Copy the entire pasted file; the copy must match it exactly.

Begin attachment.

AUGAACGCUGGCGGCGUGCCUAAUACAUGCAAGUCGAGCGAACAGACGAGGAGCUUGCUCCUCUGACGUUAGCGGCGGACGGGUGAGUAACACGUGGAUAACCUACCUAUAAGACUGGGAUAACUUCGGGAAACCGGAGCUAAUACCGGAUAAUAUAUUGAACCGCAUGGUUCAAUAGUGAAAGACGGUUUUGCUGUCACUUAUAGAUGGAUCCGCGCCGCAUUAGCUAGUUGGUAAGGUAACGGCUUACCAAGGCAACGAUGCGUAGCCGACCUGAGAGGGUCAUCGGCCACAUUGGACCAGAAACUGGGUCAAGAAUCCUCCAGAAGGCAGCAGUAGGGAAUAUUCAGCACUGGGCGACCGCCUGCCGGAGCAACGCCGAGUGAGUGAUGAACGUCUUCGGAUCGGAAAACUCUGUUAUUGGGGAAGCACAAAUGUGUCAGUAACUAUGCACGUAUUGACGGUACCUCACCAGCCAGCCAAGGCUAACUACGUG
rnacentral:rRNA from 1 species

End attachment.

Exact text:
AUGAACGCUGGCGGCGUGCCUAAUACAUGCAAGUCGAGCGAACAGACGAGGAGCUUGCUCCUCUGACGUUAGCGGCGGACGGGUGAGUAACACGUGGAUAACCUACCUAUAAGACUGGGAUAACUUCGGGAAACCGGAGCUAAUACCGGAUAAUAUAUUGAACCGCAUGGUUCAAUAGUGAAAGACGGUUUUGCUGUCACUUAUAGAUGGAUCCGCGCCGCAUUAGCUAGUUGGUAAGGUAACGGCUUACCAAGGCAACGAUGCGUAGCCGACCUGAGAGGGUCAUCGGCCACAUUGGACCAGAAACUGGGUCAAGAAUCCUCCAGAAGGCAGCAGUAGGGAAUAUUCAGCACUGGGCGACCGCCUGCCGGAGCAACGCCGAGUGAGUGAUGAACGUCUUCGGAUCGGAAAACUCUGUUAUUGGGGAAGCACAAAUGUGUCAGUAACUAUGCACGUAUUGACGGUACCUCACCAGCCAGCCAAGGCUAACUACGUG
rnacentral:rRNA from 1 species